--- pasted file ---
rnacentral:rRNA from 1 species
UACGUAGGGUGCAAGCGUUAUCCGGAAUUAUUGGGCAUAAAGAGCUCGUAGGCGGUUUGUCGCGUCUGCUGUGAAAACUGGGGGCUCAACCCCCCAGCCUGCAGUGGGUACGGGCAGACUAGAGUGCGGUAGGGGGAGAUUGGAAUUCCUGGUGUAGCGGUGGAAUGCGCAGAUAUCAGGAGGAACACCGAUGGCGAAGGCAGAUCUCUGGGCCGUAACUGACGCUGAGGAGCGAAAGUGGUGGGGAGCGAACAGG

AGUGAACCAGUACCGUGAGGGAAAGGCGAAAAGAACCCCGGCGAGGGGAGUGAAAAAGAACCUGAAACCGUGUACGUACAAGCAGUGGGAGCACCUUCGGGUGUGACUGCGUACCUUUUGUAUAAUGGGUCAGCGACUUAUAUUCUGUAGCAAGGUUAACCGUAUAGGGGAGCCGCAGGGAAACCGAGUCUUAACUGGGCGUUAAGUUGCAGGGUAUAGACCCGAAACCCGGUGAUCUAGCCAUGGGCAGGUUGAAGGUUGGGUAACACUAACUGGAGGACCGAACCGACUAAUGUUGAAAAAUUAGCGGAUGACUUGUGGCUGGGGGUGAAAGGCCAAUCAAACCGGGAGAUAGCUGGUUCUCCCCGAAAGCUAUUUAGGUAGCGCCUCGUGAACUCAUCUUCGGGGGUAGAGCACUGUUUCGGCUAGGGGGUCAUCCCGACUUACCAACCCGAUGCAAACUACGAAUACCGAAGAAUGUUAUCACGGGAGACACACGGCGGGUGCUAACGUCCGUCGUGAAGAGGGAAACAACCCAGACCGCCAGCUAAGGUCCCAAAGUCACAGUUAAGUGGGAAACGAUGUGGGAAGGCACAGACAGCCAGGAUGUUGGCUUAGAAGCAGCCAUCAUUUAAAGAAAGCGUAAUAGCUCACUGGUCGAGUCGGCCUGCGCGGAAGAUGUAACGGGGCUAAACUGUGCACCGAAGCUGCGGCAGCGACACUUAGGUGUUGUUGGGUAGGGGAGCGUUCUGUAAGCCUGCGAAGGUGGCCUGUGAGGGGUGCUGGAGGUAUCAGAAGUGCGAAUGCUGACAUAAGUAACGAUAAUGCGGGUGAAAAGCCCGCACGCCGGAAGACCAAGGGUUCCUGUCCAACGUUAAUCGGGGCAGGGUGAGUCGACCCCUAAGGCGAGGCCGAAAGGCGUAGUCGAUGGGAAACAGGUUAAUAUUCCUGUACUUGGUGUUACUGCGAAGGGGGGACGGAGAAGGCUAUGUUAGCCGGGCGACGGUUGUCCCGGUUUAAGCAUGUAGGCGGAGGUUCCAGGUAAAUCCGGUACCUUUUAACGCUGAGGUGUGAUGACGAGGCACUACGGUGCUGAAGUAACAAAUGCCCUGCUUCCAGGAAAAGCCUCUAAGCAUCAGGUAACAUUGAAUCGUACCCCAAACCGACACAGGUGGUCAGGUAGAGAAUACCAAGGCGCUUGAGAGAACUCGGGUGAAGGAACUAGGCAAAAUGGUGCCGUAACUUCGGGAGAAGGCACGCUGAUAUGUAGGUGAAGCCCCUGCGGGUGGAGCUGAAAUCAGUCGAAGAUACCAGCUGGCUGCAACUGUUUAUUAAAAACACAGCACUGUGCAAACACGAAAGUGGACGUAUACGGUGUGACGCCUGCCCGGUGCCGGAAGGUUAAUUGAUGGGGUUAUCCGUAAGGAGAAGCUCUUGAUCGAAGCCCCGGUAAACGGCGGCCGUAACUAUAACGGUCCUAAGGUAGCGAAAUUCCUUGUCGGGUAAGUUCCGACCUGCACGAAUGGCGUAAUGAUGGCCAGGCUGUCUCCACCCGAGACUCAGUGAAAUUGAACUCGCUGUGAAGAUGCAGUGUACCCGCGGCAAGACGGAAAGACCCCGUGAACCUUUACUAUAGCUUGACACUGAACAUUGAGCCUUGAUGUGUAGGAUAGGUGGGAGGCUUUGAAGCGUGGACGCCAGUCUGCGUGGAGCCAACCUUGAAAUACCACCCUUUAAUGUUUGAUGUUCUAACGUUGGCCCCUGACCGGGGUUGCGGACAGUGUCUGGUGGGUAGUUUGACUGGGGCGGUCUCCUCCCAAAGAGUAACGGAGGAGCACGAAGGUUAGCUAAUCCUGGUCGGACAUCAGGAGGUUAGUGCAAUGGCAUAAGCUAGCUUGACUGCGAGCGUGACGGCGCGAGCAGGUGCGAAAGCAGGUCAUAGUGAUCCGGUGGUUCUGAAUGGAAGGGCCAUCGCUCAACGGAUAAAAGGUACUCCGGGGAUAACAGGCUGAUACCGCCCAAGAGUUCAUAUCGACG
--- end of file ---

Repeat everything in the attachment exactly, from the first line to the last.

rnacentral:rRNA from 1 species
UACGUAGGGUGCAAGCGUUAUCCGGAAUUAUUGGGCAUAAAGAGCUCGUAGGCGGUUUGUCGCGUCUGCUGUGAAAACUGGGGGCUCAACCCCCCAGCCUGCAGUGGGUACGGGCAGACUAGAGUGCGGUAGGGGGAGAUUGGAAUUCCUGGUGUAGCGGUGGAAUGCGCAGAUAUCAGGAGGAACACCGAUGGCGAAGGCAGAUCUCUGGGCCGUAACUGACGCUGAGGAGCGAAAGUGGUGGGGAGCGAACAGG

AGUGAACCAGUACCGUGAGGGAAAGGCGAAAAGAACCCCGGCGAGGGGAGUGAAAAAGAACCUGAAACCGUGUACGUACAAGCAGUGGGAGCACCUUCGGGUGUGACUGCGUACCUUUUGUAUAAUGGGUCAGCGACUUAUAUUCUGUAGCAAGGUUAACCGUAUAGGGGAGCCGCAGGGAAACCGAGUCUUAACUGGGCGUUAAGUUGCAGGGUAUAGACCCGAAACCCGGUGAUCUAGCCAUGGGCAGGUUGAAGGUUGGGUAACACUAACUGGAGGACCGAACCGACUAAUGUUGAAAAAUUAGCGGAUGACUUGUGGCUGGGGGUGAAAGGCCAAUCAAACCGGGAGAUAGCUGGUUCUCCCCGAAAGCUAUUUAGGUAGCGCCUCGUGAACUCAUCUUCGGGGGUAGAGCACUGUUUCGGCUAGGGGGUCAUCCCGACUUACCAACCCGAUGCAAACUACGAAUACCGAAGAAUGUUAUCACGGGAGACACACGGCGGGUGCUAACGUCCGUCGUGAAGAGGGAAACAACCCAGACCGCCAGCUAAGGUCCCAAAGUCACAGUUAAGUGGGAAACGAUGUGGGAAGGCACAGACAGCCAGGAUGUUGGCUUAGAAGCAGCCAUCAUUUAAAGAAAGCGUAAUAGCUCACUGGUCGAGUCGGCCUGCGCGGAAGAUGUAACGGGGCUAAACUGUGCACCGAAGCUGCGGCAGCGACACUUAGGUGUUGUUGGGUAGGGGAGCGUUCUGUAAGCCUGCGAAGGUGGCCUGUGAGGGGUGCUGGAGGUAUCAGAAGUGCGAAUGCUGACAUAAGUAACGAUAAUGCGGGUGAAAAGCCCGCACGCCGGAAGACCAAGGGUUCCUGUCCAACGUUAAUCGGGGCAGGGUGAGUCGACCCCUAAGGCGAGGCCGAAAGGCGUAGUCGAUGGGAAACAGGUUAAUAUUCCUGUACUUGGUGUUACUGCGAAGGGGGGACGGAGAAGGCUAUGUUAGCCGGGCGACGGUUGUCCCGGUUUAAGCAUGUAGGCGGAGGUUCCAGGUAAAUCCGGUACCUUUUAACGCUGAGGUGUGAUGACGAGGCACUACGGUGCUGAAGUAACAAAUGCCCUGCUUCCAGGAAAAGCCUCUAAGCAUCAGGUAACAUUGAAUCGUACCCCAAACCGACACAGGUGGUCAGGUAGAGAAUACCAAGGCGCUUGAGAGAACUCGGGUGAAGGAACUAGGCAAAAUGGUGCCGUAACUUCGGGAGAAGGCACGCUGAUAUGUAGGUGAAGCCCCUGCGGGUGGAGCUGAAAUCAGUCGAAGAUACCAGCUGGCUGCAACUGUUUAUUAAAAACACAGCACUGUGCAAACACGAAAGUGGACGUAUACGGUGUGACGCCUGCCCGGUGCCGGAAGGUUAAUUGAUGGGGUUAUCCGUAAGGAGAAGCUCUUGAUCGAAGCCCCGGUAAACGGCGGCCGUAACUAUAACGGUCCUAAGGUAGCGAAAUUCCUUGUCGGGUAAGUUCCGACCUGCACGAAUGGCGUAAUGAUGGCCAGGCUGUCUCCACCCGAGACUCAGUGAAAUUGAACUCGCUGUGAAGAUGCAGUGUACCCGCGGCAAGACGGAAAGACCCCGUGAACCUUUACUAUAGCUUGACACUGAACAUUGAGCCUUGAUGUGUAGGAUAGGUGGGAGGCUUUGAAGCGUGGACGCCAGUCUGCGUGGAGCCAACCUUGAAAUACCACCCUUUAAUGUUUGAUGUUCUAACGUUGGCCCCUGACCGGGGUUGCGGACAGUGUCUGGUGGGUAGUUUGACUGGGGCGGUCUCCUCCCAAAGAGUAACGGAGGAGCACGAAGGUUAGCUAAUCCUGGUCGGACAUCAGGAGGUUAGUGCAAUGGCAUAAGCUAGCUUGACUGCGAGCGUGACGGCGCGAGCAGGUGCGAAAGCAGGUCAUAGUGAUCCGGUGGUUCUGAAUGGAAGGGCCAUCGCUCAACGGAUAAAAGGUACUCCGGGGAUAACAGGCUGAUACCGCCCAAGAGUUCAUAUCGACG